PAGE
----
College Column: The Highs And Lows Of A Reluctant Transition To Online Classes

As a student at Hofstra University, the changes that have come as a result of the coronavirus have been particularly jarring. Just as I thought I was packing up for a relaxing spring break, I found out that I’d be living at home in Massachusetts again indefinitely. My plans for the spring semester were postponed or erased completely. I said goodbye to my friends for what could be weeks or months.

While my way of life seemed to come to a halt, my classes did not. As spring break wrapped up and Hofstra announced that all classes would be online for the remainder of the semester, emails slowly started coming in from each of my professors, beginning to lay the groundwork for the next couple of months of remote learning.

Keeping track of all these different plans was one of the more unexpected challenges with the adjustment: different subjects and different professors meant that I had to adapt to multiple different remote learning strategies. That may be similar to the adjustment of starting a new semester, but now I no longer had any real structure or schedule to make sense of it all.

Two of my professors moved forward by giving lectures on Zoom during our regularly-scheduled class time. One of my professors scheduled short, one-on-one Zoom sessions once a week, checking in on our work individually. Another professor recorded lectures and posted them on YouTube, so students could watch and respond to her with notes via email. Taking a decidedly low-tech approach, one of my professors simply sent out the notes in an email when our classes normally would have taken place.

Zoom, the computer and mobile app that’s quickly become synonymous with communication in the age of coronavirus, has admittedly brought some normalcy to the whole situation. Although just emailing the notes would probably suffice for a few of my classes, having a scheduled time in the week to do something or be somewhere—even just virtually—is valuable when every day feels so amorphous. It can be difficult to have normal conversations on Zoom, but hearing the voice of someone you know and having the opportunity to be heard at all make life feel a little less desolate and a little more real again.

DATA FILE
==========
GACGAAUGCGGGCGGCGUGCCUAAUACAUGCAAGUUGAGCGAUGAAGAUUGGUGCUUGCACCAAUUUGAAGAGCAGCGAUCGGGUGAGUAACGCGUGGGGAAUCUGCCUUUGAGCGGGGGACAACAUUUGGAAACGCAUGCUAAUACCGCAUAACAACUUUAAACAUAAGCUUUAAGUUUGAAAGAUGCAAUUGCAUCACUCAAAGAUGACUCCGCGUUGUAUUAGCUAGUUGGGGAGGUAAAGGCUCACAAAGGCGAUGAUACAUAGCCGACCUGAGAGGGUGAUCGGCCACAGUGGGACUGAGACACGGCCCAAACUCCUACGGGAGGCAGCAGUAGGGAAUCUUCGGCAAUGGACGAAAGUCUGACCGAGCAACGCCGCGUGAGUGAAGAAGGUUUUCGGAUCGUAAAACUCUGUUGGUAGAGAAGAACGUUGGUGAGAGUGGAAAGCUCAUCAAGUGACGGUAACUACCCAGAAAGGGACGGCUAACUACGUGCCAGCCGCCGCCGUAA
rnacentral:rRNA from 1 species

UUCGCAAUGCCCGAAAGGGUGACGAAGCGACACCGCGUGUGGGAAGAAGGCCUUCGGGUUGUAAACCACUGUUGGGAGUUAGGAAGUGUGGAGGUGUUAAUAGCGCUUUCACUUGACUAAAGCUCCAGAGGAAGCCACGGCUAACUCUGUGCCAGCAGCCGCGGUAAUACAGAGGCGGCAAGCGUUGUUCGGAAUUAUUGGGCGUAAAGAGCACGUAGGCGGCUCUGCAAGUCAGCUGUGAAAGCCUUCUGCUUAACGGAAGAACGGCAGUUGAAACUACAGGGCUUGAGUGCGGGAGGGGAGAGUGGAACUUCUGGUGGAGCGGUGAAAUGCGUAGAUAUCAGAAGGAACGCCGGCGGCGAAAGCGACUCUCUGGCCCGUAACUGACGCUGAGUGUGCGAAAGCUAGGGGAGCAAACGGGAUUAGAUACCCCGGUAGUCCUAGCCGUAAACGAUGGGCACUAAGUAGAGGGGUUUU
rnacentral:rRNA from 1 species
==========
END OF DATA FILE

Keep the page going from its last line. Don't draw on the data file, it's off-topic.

Nevertheless, with a barely-existent schedule and no library to focus in, the challenge of assignments remains especially formidable. As a journalism student, most of my assignments consist of writing and learning applications like Adobe InDesign—work that can be done online fairly easily. I’m at much less of a disadvantage than my peers in classes that require more hands-on work. Obstacles have still arisen and concessions have had to be made, though.

For one of my classes, the final project is to go to an event, report on it and take your own videos and photos. However, with social distancing measures in place, there aren’t any events for students to attend now. Fortunately, my professor saw the challenge as an opportunity. He helped us to find virtual events and navigate the process of reporting amid a pandemic. He understood that the multimedia aspect of the assignment might still be impossible, but he had us reach out to the people participating in our events to get relevant photos and videos. Journalists haven’t given up because of what’s going on in the world, so why would student journalists? 

There have been a lot of exasperating aspects to this change, some of which still need to be handled—in particular, the prospect of continuing remote learning in the fall and the absurdity of paying regular tuition under these circumstances. More than anything, though, I can look back on the semester and appreciate how many of my professors and peers have responded to the challenge of online classes with innovation and understanding. 

Katie Fenton
Katie Fenton is an Anton Media Group contributing writer.

1 COMMENT

  1. Great article. It does demonstrate that learning by different methods from different professors can be difficult to juggle.

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